Port Washington tennis star Thea Rabman gets thrill of a lifetime playing at Wimbledon

Port Washington tennis star Thea Rabman gets thrill of a lifetime playing at Wimbledon
Port Washington's Thea Rabman competed in the Wimbledon Junior Tournament for the first time on July 8. Photo credit: Louis Rabman.

There was so much to take in.

The beautifully-manicured grass courts. The history around every corner. The plaques commemorating past champions going back more than a century.

The famous concession stands selling strawberries and cream.

The grounds of Wimbledon tennis tournament (or as it’s referred to in London, “The Championships”) is the most famous and revered location in the entire sport. Champions are made and re-affirmed there, and it’s the place every person who ever picks up a racquet dreams of one day playing.

Thea Rabman got to live that dream last week.

The 18-year-old former Schreiber High School star, one of the top junior players in America, is headed to play for reigning NCAA national champion University of North Carolina in about a month.

But on July 8 she got to play at the famous grounds at SW 19, at Wimbledon, for the first time.

In 2022 Rabman tried to qualify for the junior championships, but those matches are played offsite. This year, she got the whole experience, and she and her father Louis savored every moment.

“It was really exciting and really cool to be so close to the pros and everything there,” Rabman said upon returning home this week. “It’s something you see on TV and hope to get to play at one day, so the whole thing was really great.”
Rabman flew to England last week but wasn’t even sure she’d be in the main draw of the Girl’s tournament; with her World ranking of No. 52, she just missed the cutoff for automatic entry into Wimbledon.
But given that she was just a few spots away from getting in, she knew there was a chance other players ranked ahead of her would withdraw and that Rabman wouldn’t have to go through qualifying.
And that’s exactly what happened; two days before the draw was made Rabman learned she’d be in.
She drew Australian Taylah Preston in the first round, and despite battling back in the second set, Rabman fell, 6-1, 7-6 on Court 10.
“It was hard because you weren’t able to practice on the main courts until your match,” Rabman said. “I was definitely nervous in the first set, she’s a really good player and the atmosphere was so different than usual. And it was so awesome to see so many people at the match cheering for me.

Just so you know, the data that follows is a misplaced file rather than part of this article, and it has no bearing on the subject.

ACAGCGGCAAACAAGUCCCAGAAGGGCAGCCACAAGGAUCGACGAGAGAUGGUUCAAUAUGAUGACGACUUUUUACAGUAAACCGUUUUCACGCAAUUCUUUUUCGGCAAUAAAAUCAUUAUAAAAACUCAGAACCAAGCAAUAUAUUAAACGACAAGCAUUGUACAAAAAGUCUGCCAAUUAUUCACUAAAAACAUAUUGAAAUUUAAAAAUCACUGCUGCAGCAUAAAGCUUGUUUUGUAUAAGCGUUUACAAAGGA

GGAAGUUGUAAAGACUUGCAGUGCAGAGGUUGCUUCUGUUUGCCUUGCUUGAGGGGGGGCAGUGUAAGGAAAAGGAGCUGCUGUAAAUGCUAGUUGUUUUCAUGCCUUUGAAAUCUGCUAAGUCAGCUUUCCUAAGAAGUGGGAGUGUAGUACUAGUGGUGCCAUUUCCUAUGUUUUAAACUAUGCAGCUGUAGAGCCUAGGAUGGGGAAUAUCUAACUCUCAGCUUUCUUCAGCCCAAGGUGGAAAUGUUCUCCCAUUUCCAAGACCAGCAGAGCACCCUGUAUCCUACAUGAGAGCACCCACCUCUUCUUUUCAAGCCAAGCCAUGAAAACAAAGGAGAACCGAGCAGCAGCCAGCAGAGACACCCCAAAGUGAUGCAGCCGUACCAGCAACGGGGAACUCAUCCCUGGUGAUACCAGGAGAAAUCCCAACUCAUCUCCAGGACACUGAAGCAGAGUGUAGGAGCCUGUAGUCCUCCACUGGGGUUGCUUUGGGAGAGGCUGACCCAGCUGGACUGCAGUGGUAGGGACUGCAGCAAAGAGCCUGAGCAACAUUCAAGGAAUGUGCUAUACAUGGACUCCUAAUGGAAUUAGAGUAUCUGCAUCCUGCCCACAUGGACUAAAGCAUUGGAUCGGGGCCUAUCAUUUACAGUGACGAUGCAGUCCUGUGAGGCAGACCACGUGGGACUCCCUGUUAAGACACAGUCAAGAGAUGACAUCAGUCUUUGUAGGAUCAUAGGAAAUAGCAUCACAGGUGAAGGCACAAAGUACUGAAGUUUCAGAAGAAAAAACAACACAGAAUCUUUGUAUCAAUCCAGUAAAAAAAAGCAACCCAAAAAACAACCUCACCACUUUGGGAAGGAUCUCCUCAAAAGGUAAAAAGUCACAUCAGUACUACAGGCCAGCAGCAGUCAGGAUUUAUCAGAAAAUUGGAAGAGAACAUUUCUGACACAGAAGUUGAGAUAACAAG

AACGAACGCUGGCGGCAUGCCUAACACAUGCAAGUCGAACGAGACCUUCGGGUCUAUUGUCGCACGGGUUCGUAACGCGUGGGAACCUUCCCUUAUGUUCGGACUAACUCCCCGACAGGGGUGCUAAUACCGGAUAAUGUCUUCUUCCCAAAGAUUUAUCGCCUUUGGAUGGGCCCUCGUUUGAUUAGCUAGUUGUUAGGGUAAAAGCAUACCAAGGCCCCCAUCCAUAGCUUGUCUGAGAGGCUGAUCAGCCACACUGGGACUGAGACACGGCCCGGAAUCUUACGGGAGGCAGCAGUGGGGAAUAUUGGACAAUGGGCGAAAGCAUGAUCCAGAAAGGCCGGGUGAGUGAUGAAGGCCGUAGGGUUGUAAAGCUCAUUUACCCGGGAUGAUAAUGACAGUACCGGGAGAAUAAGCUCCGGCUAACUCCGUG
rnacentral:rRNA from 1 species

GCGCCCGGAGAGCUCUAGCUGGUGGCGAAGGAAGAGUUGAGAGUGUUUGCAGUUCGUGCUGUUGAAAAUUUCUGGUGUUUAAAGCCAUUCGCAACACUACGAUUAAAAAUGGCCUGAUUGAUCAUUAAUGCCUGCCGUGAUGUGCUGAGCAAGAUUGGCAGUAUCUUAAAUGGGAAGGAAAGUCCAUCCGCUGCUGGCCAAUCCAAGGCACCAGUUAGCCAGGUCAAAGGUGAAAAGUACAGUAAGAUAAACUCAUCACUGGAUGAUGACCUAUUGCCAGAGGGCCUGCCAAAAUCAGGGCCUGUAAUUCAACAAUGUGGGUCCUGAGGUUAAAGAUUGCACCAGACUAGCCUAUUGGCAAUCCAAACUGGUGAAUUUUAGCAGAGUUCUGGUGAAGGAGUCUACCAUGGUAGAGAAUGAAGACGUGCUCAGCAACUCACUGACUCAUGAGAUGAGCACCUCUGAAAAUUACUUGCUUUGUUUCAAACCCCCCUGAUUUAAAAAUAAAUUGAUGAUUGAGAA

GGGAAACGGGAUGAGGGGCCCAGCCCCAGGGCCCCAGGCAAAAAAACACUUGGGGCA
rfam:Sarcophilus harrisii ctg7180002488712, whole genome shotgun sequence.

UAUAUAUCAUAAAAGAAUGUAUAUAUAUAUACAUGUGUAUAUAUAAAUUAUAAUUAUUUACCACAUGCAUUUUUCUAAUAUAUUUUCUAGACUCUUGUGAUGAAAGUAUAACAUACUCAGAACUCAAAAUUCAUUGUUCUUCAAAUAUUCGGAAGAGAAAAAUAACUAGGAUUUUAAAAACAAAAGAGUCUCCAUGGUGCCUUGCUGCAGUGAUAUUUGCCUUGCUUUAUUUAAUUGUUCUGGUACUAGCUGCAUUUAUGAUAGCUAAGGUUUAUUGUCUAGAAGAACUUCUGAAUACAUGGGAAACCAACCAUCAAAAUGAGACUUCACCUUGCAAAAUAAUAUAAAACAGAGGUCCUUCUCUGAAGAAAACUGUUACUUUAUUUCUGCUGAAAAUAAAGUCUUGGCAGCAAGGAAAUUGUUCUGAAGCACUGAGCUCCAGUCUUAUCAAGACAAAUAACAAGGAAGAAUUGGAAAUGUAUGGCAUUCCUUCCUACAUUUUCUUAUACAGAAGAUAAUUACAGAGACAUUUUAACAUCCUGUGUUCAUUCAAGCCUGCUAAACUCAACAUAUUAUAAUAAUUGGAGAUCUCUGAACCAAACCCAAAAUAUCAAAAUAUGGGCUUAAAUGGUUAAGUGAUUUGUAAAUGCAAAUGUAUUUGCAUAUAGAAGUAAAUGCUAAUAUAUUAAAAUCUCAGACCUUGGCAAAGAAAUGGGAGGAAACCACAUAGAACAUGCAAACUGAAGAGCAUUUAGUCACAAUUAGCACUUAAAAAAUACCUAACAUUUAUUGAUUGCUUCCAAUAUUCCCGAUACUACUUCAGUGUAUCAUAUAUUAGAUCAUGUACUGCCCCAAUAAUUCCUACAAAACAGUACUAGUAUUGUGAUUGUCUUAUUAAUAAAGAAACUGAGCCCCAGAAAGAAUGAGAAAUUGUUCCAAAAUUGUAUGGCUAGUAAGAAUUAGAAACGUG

“When I was warming up, (Wimbledon men’s quarterfinalist) Holger Rune was warming up right next to me!”
Rabman made her Junior Grand Slam debut in 2021 at the U.S. Open, when she won a round in front of dozens of family and friends from Port Washington.
In January of this year, she won a round in the Australian Open junior girls event in Melbourne before falling to Rebecca Munk Mortensen of Switzerland in Round 2.
 “I got to go to the Melbourne Zoo which was so cool,” Rabman said after that event. “I also went to the south Melbourne market and Queen Victoria market which was also such a fun experience.”
In addition to competing in singles, last week Rabman also got a chance to play doubles at Wimbledon, as she and her partner, Mortensen, fell in the first round to the seventh-seeded duo of Nikola Bartunkova and Nina Vargova.
With her junior career coming to a close soon, Rabman said she’s very excited to get to North Carolina.
According to UNC associate coach Tyler Thomson, Rabman was a top recruiting priority and he’s excited about her joining an already-stacked Tar Heel team.
“We are so excited for Thea to join our program,” Thomson said. “She’s very passionate about getting better and about being a Tar Heel. Thea’s game is really versatile, and it will be fun to coach her and to see her grow.”
Rabman said she closely followed UNC’s run to the championship this spring, as the Tar Heels beat N.C. State to win their first team title.
“Seeing the college tennis atmosphere and how well they did really made me want to be a part of it even more,” she said. “I talked to a few of the girls and I can’t wait to get there.”
Rabman is scheduled to move to Chapel Hill in mid-August, but she still hopes to play one more U.S. Open juniors tournament.
Whether she gets directly in or not will depend on her results over the next month, specifically how she does at the prestigious USTA Nationals in San Diego in early August. If she can win a few rounds there, she’ll certainly get into the main Open draw.
“If I get a chance, I’m definitely going to play the Open,” Rabman said. “Not sure how it will work yet but if I’m in I’ll definitely come up (from UNC) and play.”


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